I keep on saying it…Niue and Beveridge Reef (a part of Niue) were the wildest places I’ve ever been. Here’s why:
1) The anchorage at Beveridge alone was an experience with the high winds and waves coming over the reef coupled with first time anchor drags and the resulting late-night, pitch-black resets. We haven’t sat calmly still at anchor since Aitutaki. It’s not comfortable but I guess one could see it as part of the wildness. I’d like to say we’ve grown accustomed to rolling around and sudden shifts of the boat while we’re “safely” anchored but screw that. Nobody likes that stuff. It was all part of the adventure though.
2) The whales. From the first sighting outside Beveridge to basically living among them in the mooring field at Niue, the whales defined this part of the trip. People pay loads of money to experience nature like that. We had it outside our backdoor for free.
3) Spearfishing at Beveridge. Patrick and I were all by ourselves in the water for hours on end while the only other people within hundreds of miles, Marge and Rebecca, were still over a mile away on an upwind dinghy ride. It was surreal. Hunting fish through underwater ravines and avoiding the curious grey sharks and the white tips will be a memory long after my blisters heal. The fact I duct taped my feet and ignored the pain of each fin stroke shows just how much fun it was. I’ll never forget losing that last really nice grouper to the white tips. Little f_c_ers!
4) The hikes to the chasms and caves on Niue aren’t too long but nobody can deny they are dangerous. The eroding limestone is sharp and at some points you are basically crawling over the stuff. At other places large holes are hidden by decaying vegetation and still other places are covered in slippery rock. It seems the whole island is made for breaking ankles. And then there’s those huge dropoffs, cliffs, deep chasms and caves, massive seas crashing around everywhere throwing spray 30 feet in the air….basically everything you’re there to see. Check out these videos of us pushing the limits or being just plain stupid. Whichever, it was an adrenaline rush. The rock Allan and I were standing on was actually moving with the power of the waves coming in!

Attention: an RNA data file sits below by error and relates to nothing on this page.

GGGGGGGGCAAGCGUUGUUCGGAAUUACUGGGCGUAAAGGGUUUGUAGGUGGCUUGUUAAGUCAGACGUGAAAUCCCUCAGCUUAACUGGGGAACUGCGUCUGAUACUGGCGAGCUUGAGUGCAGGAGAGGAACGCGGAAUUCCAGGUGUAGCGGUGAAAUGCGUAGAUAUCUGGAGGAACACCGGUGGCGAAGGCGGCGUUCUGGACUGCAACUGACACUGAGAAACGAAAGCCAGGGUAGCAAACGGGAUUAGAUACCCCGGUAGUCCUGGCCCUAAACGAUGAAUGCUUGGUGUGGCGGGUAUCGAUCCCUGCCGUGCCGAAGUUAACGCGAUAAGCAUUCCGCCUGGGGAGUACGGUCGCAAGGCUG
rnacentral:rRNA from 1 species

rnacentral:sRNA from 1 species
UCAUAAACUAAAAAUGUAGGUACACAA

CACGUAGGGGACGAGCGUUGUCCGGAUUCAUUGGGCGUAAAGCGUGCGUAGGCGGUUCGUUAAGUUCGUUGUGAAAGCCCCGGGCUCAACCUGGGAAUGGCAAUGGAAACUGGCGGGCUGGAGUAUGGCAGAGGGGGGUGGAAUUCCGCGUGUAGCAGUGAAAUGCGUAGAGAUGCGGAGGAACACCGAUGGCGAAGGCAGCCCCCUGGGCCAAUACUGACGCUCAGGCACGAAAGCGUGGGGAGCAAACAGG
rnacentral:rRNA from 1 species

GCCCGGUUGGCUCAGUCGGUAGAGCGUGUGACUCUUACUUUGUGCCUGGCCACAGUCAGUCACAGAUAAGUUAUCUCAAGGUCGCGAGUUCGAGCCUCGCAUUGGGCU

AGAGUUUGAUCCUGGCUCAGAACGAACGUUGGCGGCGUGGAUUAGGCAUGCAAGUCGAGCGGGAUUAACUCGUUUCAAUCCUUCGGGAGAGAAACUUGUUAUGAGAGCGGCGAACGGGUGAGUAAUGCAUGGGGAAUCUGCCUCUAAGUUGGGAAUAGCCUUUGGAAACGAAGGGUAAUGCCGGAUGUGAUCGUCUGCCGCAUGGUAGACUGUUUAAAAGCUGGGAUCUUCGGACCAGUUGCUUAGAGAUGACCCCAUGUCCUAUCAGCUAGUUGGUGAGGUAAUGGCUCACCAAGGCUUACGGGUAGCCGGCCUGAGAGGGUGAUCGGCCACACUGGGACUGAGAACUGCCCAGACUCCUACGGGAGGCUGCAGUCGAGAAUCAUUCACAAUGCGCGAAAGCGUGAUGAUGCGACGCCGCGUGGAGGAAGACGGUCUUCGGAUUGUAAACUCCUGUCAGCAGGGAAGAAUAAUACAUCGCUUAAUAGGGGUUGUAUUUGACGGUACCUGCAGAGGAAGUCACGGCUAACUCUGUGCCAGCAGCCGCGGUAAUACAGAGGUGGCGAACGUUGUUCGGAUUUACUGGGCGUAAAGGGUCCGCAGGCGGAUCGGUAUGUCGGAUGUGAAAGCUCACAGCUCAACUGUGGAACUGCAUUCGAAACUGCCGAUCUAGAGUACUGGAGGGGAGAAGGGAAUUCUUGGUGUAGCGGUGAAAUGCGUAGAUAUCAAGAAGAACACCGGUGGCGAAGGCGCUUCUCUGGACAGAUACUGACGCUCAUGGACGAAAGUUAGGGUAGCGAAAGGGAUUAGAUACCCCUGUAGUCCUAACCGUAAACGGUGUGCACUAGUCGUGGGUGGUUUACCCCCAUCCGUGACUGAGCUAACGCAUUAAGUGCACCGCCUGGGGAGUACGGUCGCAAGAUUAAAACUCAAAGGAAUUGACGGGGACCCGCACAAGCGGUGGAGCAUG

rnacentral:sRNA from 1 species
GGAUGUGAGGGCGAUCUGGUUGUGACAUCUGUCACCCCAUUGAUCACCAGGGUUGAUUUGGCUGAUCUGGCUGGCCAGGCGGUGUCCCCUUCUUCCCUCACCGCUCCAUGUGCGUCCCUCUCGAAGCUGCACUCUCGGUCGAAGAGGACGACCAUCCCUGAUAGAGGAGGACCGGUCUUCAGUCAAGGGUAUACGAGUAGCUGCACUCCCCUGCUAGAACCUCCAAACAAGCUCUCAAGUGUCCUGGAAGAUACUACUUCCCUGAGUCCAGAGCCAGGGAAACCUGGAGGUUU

**video will be inserted here** whenever I come to the realization that, yes, sometimes you have to pay for internet and I realize that internet is slow as crap here and I just have to be patient!
5) Vaikona Cave. This place is wild and dangerous and scary and it’s almost ridiculous they allow people to explore on their own. That being said, I loved every minute of it. I’d do it again in a hot minute.
6) Even though we don’t have a dinghy at the moment and didn’t have to deal with it, you gotta love a place where the only dock in the only “safe harbor” on the island has a crane to lift your dinghy out of the water so it doesn’t get destroyed on rocks in the swell.
7) Sea Snakes. I saw them on a dive I did with Seth and Elizabeth from Honeymoon and I saw them on the surface but one morning when I answered a call from a neighbor boat looking for a diver to untangle their anchor from the rocks I saw way too many of them. They are funky and weird and venomous as hell (harmless to humans because their mouths are too small) and Niue was my first time being in the water with them. One more wild thing to experience.
So there you are. The wildest place I’ve ever been. Looking back on the last month, we’ve had crap weather and lost the dinghy but I still can’t complain. Somebody sent us an email saying we should put a donation tab on the site to try and recoup some money for what the dinghy mishap might cost. I considered it for a moment and thought about how much it ticks me off when cruisers or travelers ask for donations on their blogs. Margie reminded me of how f-ed up I thought it was that a certain cruiser was (and still is) bumming money off Latitude 38 readers and they keep on giving it to her. If you don’t have enough to be out here and pay for your lifestyle and your repairs and your f-ups, you shouldn’t be here. Don’t give me money to perpetuate my dream while putting yours off. So Get Lost On Purpose shall remain free of that crap. After all, I’m out here on a sailboat in the South-freaking-Pacific. What could I possibly have to complain about?